Startup companies are mostly based on magnificent ideas and they attempt to succeed by sustained growth. Nonetheless, most startups typically, struggle for survival. Salamzadeh & Kawamorita Kesimto (2015) conceptualized this phenomenon in a holistic perspective, identifying challenges faced by startup companies and performing an insightful review of their life cycle, such as (i) financial challenges, (ii) need for appropriate human resources, i.e., experts in the field, and (iii) demand for support mechanisms, including angel investors and/or venture capital, technological incubators, science parks, accelerators, and small business development centers. It was shown that creating a new venture needs to follow a process in which a businessperson engages in entrepreneurial activities, to develop a new venture idea or an opportunity into value. A process view of this phenomenon should consider the relevant theories and frameworks in the field. It has been demonstrated that new ventures focused on research, would increase their rate of success (Salamzadeh, 2015).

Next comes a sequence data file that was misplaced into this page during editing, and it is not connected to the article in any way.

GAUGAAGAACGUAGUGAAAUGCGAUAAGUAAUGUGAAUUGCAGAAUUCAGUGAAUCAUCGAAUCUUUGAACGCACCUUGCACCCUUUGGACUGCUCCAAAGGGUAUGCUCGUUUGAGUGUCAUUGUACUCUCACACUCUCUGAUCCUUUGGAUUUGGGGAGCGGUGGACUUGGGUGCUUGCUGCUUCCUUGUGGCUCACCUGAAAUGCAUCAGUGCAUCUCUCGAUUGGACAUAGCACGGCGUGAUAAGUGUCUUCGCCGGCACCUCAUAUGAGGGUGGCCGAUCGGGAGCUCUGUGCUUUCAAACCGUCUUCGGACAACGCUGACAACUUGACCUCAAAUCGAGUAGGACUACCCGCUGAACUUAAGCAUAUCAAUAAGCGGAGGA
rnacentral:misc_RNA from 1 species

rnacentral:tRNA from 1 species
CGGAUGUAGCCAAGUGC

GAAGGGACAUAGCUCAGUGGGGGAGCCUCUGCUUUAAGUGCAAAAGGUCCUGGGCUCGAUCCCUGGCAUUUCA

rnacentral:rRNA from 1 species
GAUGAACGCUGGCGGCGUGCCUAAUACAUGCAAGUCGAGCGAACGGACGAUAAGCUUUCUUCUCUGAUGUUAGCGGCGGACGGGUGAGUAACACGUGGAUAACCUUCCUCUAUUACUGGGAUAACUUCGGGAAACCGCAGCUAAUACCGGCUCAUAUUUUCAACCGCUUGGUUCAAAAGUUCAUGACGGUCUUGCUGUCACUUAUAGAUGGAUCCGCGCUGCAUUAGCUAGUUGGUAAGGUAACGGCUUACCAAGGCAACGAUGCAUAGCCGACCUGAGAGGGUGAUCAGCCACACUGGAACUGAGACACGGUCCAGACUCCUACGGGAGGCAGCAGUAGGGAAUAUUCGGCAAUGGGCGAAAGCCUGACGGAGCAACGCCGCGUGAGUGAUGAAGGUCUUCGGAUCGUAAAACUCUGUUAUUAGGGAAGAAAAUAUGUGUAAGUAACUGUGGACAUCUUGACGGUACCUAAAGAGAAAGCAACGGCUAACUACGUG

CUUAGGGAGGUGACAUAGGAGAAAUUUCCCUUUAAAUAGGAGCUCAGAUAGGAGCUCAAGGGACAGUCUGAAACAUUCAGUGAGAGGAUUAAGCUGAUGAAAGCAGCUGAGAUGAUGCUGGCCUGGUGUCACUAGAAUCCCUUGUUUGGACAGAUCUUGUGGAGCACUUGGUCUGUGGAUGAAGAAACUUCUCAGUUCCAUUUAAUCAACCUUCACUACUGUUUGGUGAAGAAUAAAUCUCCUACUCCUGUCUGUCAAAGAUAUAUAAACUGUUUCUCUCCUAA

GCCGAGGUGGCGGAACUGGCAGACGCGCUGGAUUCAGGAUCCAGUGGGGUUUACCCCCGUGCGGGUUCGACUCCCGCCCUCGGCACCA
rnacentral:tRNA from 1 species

Although the topic is relevant for both research and practice, there are a limited number of prior papers in the literature. Previous studies on the reputation for technological innovation focused on the “innovative performance in the narrow sense”, such as product innovations (Hagedoorn & Cloodt, 2003, Höflinger et al., 2018). Though there are practical and visible aspects of any new technology (Henard & Szymanski, 2001, Szymanski et al., 2007), it is a clear shortcoming of focusing exclusively on product introduction (Hagedoorn & Cloodt, 2003). Henard & Dacin (2010) state that one cannot simply rely on a proxy (regarding the number of patents, R&D, and USD spent) to properly measure the reputation of a company in product innovation. Höflinger and co-workers extended this approach by applying multiple proxies, based on patents, their citations, and R&D spending (Höflinger et al., 2018).